Home News Five Big Opportunities For Irish Retail Brands According to B&A Research

Five Big Opportunities For Irish Retail Brands According to B&A Research

Following on from the first phase of its Covid-19 research called Life on Lockdown, B&A has shifted its focus from consumers to industry and over the coming week it will examine the challenges and, more importantly, the opportunities for key sectors. In the first of the new series, B&A focuses on the Irish retail sector and identifies five big opportunities for retail brands.

It’s all change for retail.  B&A’s data shows that 32% have switched their main grocery store since Lockdown began and a massive 69% have switched the time of day when they shop.   But where do the opportunities lie for retailers and brands?

Opportunity 1:  Reignite the love

Our grocery shopping experiences have become much more functional, efficient and less enjoyable in the post-Covid era.  

With speed and safety top of mind it’s all about getting ‘in and out’ as fast as we can:

The current conditions mean that many of the more emotional needs grocery delivered have been de-prioritised: Discovery. Inspiration. Connection with others. Sensorial stimulation. Novelty. Charity.

Opportunity 2:  Capitalise in online interest

As the supermarket became a more anxious and less engaging place to be during lockdown, more and more of us are looking into online and remote options.

There are clear opportunities to streamline and improve the online grocery experience to engage more and more shoppers.

If in-store remains a more functional experience in the longer term, it may be online that takes on the mantle of emotionally engaging and inspiring shoppers.

 Opportunity 3:  Think local

During lockdown we re-connected with our local communities and re-discovered local shopping options.

From specialist food, to pharmacy and now as non-essential retail opens, we’re thinking ‘local’ first.

Among those who switched grocery store, a third did so to stay closer to home.

And even as travel restrictions lift, focusing on local for the foreseeable seems like a win/win situation for shoppers:

  • We want to support local business in tough times and keep our local areas thriving.
  • Our experience with local providers has opened our eyes to the quality people like (particularly local butchers/bakery).
  • We’ve become used to the more personalised and friendly service that local options often deliver.
  • Staying local eliminates the need to take risks on public transport.
  • With most of us still working from home, shopping local allows us to fit trips in at a time that best suits us.

 Opportunity 4:  Get into the inner circle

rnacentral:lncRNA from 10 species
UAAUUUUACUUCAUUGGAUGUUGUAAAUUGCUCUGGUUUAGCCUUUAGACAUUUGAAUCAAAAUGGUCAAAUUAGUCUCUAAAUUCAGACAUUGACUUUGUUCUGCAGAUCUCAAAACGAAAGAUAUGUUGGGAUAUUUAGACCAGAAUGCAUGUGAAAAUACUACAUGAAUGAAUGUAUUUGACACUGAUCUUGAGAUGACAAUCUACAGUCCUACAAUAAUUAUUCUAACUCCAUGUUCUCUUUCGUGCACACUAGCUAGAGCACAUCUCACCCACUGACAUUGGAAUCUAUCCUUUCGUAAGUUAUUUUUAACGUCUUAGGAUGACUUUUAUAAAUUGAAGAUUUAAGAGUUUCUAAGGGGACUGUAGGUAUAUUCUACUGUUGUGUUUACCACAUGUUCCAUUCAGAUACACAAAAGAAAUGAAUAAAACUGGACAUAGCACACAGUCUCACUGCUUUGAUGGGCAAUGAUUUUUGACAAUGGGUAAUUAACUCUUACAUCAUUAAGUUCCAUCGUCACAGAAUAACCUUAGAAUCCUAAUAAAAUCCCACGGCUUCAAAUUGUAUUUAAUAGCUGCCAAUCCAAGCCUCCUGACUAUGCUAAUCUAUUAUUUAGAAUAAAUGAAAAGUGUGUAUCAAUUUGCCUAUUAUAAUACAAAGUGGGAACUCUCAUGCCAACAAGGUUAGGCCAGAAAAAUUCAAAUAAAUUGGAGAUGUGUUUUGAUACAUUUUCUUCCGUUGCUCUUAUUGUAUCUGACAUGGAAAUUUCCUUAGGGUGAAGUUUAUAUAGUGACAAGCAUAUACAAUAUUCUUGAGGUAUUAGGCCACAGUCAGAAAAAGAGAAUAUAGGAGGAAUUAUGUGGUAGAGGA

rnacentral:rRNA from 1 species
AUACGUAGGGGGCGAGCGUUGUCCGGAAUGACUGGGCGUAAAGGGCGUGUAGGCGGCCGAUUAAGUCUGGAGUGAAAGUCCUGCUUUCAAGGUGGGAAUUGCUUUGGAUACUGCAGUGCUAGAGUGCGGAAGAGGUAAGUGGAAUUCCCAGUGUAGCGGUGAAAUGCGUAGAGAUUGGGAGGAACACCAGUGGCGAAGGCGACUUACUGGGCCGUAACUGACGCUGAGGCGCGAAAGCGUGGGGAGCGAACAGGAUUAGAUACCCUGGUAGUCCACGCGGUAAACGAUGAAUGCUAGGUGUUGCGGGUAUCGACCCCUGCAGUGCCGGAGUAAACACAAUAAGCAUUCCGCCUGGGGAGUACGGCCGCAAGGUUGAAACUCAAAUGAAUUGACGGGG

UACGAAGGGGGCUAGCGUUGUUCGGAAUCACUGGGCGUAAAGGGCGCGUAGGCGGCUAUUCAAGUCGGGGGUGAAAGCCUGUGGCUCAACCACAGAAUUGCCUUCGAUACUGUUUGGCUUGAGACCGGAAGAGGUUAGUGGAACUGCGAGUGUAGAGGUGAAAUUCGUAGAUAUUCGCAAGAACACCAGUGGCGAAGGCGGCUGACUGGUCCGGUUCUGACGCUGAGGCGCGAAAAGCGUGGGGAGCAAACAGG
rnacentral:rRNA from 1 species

Irish  shoppers are now likely to be focused on a smaller number of ‘inner circle’ retail brands.

Those stores that deliver strongly to a range of requirements and needs stand the best chance of keeping top of mind with customers (e.g. Penney’s, BTs, Tesco Extra, Discounters)

Opportunity 5:  Master the journey

The Covid-19 crisis radically disrupted our habitual purchasing behaviour.  How, when, where, why we shop is all in a state of flux.

69% have switched the time of day when they shop.  The focus on weekend and evening shopping is greatly diminished.


Opportunities for all 5 key areas

Ways to win 

  • Now that we’re past the initial adjustment period, the focus should be on ways to mitigate the most challenging aspects of our new shopping experiences (for example, the queue)
  • It’s important to utilise other channels beyond in-store to inspire and engage emotionally with customers
    • Website, social media channels even getting ‘back to basics’ with postal channels.
  • Developing an online offering will be very important going forward.
  • Whether that’s part of the brand offering or outsourced to a third party.
  • There are various functional basics to get right (which are all challenging enough in and of themselves).
  • There’s also a huge amount the grocery sector in particular can learn from other retail categories (fashion/gifts/homeware) in making the online channel inspiring and engaging rather than merely functional.
  • Understanding and focusing on the specific needs of your local community is a good strategy right now.  If you don’t know what these are, find out.  Consumer research will help.
  • Encourage word of mouth, it’s a powerful motivator and seems to be doing a lot to promote local businesses among neighbours at the minute.
  • Be clear about what your brand can uniquely offer your customers and communicate this single-mindedly across all channels.  It’s never been more important to know exactly who you are and what you deliver.
  • Think about how you can expand the range of needs you deliver to, to make your brand even more ‘worth it’ for customers.  We’re seeing this happening already with supermarkets moving into ‘ready to go’ food with things like pizza and ready meals.
  • A useful exercise may be to map typical customer journeys both pre and post the Covid crisis.  At B&A our Shopper Pathway methodologies can help you do that.
  • What has changed?  What touchpoints or channels are more important?  Less important?  What needs are under-fulfilled at the minute?  How can channels be upweighted or down-weighted to plug those gaps?
  • Many businesses would benefit from the skills of designers and architects to help design the layout and flow of the store better for the current times.

Contact Maggie in B&A for the full data presentation maggie@banda.ie



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